Researchers from Northumbria University have been awarded £1.2m to help advance our understanding of the Sun and its impact on the planets within our solar system.
The team, led by solar physicist Dr Richard Morton, will spend the next four years exploring some of the fascinating phenomena associated with our closest star – including powerful solar winds and the giant, planet-sized concentrations of magnetic fields known as sunspots.
They will use advanced mathematical techniques and cutting-edge computer simulations to create models of the Sun which will provide new insight into the physics behind its activity.
The project, Revealing the Pattern of Solar Alfvénic Waves (RiPSAW), is being funded through UK Research and Innovation (UKRI) after Dr Morton was awarded a prestigious 2020 UKRI Future Leader Fellowship, announced today (Thursday 23 April).
He will work alongside colleagues at Northumbria, as well as scientists at the National Center for Atmospheric Research and Harvard Smithsonian Centre for Astrophysics in the United States, and the Instituto de Astrofísica de Canaria in Spain.
The aim of the RiPSAW project is to examine the role of magnetic waves in the heating the Sun’s atmosphere to a million degrees and generating powerful solar winds. As Dr Morton explains: “Many stars possess their own weather systems, although these systems are extreme compared to those we experience on Earth.
“In our solar system, a hot, million-degree wind blows off the Sun at colossal speeds reaching millions of miles per hour, washing over the planets.
“The Earth’s magnetic field protects us by deflecting this wind, but other planetary bodies in the solar system have been exposed to its influence – for example, the Sun’s wind is known to have stripped Mars of its atmosphere.
“We know the Sun loses over 10 trillion tonnes of material each year through its winds, so are also interested in finding out how these winds contribute to a star’s evolution, and how they might influence the habitability of exoplanets around other Sun-like stars.”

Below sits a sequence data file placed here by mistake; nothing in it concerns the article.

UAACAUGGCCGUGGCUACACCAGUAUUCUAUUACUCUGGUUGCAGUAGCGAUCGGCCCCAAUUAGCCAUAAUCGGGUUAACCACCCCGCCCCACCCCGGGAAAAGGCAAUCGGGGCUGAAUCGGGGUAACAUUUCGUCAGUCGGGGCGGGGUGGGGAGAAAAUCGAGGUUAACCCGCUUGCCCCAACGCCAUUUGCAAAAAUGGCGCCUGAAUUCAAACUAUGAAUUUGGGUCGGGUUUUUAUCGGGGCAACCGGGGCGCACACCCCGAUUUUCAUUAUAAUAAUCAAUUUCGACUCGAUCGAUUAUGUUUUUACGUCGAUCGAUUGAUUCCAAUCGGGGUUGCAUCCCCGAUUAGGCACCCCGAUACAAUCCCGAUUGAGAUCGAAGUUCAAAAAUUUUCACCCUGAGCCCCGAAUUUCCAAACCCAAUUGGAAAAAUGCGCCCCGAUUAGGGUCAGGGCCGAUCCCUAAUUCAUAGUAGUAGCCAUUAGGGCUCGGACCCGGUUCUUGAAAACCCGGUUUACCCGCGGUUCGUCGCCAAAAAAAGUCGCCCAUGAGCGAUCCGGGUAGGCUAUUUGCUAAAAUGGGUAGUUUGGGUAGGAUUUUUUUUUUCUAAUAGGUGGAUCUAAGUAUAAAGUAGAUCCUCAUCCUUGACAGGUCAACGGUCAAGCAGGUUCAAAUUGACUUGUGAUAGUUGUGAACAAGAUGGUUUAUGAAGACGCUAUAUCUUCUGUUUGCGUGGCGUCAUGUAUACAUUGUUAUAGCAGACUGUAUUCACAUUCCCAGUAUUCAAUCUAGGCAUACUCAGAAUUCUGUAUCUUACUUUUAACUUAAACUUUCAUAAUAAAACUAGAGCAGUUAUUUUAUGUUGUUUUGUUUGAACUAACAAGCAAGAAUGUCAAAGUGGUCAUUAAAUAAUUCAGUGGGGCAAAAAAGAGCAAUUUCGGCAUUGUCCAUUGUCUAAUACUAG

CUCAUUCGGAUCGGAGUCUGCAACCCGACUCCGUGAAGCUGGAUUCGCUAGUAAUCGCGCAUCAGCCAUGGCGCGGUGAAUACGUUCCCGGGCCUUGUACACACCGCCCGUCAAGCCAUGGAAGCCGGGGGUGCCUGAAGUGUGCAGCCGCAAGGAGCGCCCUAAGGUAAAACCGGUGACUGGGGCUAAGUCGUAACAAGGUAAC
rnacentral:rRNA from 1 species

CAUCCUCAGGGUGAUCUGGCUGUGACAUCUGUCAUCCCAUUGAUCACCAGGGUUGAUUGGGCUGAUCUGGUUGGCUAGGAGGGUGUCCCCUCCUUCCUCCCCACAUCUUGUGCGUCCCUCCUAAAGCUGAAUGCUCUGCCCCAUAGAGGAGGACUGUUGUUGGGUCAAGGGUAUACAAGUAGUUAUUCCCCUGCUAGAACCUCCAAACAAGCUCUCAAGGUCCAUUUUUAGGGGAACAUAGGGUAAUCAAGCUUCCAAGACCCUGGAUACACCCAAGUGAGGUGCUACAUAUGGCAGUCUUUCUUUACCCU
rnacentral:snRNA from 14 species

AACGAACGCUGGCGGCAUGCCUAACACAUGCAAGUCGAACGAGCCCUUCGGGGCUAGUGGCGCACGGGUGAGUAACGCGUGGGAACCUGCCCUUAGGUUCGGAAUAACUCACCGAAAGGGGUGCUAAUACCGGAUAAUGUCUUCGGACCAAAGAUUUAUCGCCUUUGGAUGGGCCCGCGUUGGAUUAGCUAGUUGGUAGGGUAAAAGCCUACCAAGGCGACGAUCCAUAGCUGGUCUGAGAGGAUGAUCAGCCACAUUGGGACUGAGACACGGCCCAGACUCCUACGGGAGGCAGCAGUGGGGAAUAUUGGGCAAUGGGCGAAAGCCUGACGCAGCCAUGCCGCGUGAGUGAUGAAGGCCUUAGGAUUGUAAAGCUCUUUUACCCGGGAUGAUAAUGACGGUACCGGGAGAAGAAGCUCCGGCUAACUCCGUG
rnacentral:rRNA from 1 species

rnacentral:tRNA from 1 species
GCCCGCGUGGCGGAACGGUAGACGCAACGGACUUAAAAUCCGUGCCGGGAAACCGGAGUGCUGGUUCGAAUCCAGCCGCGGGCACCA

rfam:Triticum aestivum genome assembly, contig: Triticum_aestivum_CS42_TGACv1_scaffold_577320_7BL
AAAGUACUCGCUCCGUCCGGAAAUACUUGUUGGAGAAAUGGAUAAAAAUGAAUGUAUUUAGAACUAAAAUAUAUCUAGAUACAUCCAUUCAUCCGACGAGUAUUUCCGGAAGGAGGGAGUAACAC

Magnetic waves, also known as Alfvén waves, can transfer energy through a star’s atmosphere and are considered an important feature of any magnetic star.
Exciting results from Dr Morton’s recent observations of the Sun have found evidence that magnetic waves high in the atmosphere react to sound waves leaking out from the inside of the Sun, challenging our current knowledge of how energy is transported through a star’s atmosphere.
The RiPSAW project will use new methods drawn from statistics and machine learning to analyse high quality data of the Sun from state-of-the-art solar instruments, such as NASA’s Solar Dynamic Observatory.
Dr Morton is among 90 academics awarded a 2020 UKRI Future Leader Fellowship. The scheme aims to grow the strong supply of talented individuals needed to ensure a vibrant environment for research and innovation in the UK.
The Fellowships are open to researchers and innovators from across business, universities, and other organisations. Investment of up to £1.5 million over four years is available to enable the next generation of researchers to benefit from outstanding support to develop their careers, and to work on difficult and novel challenges.
Speaking about all 90 fellows announced today, Sir Mark Walport, Chief Executive of UK Research and Innovation, said: “The Future Leaders Fellowships are UKRI’s flagship talent programme, designed to foster and nurture the research and innovation leaders of the future. We are delighted to support these outstanding researchers and innovators across universities, research organisations and businesses.”
Dr Morton added: “I feel very grateful to have been awarded such a fantastic fellowship. It will make a huge difference to my career and provides a fantastic opportunity for me to build and develop my own research group. I can’t wait to get started.”
Dr Morton joined Northumbria in 2012 as an Anniversary Research Fellow in the University’s Department of Mathematics, Physics and Electrical Engineering. In 2014 he was awarded a Leverhulme Trust Early Career Fellowship. He is a member of Northumbria University’s world-class Solar Physics research group.
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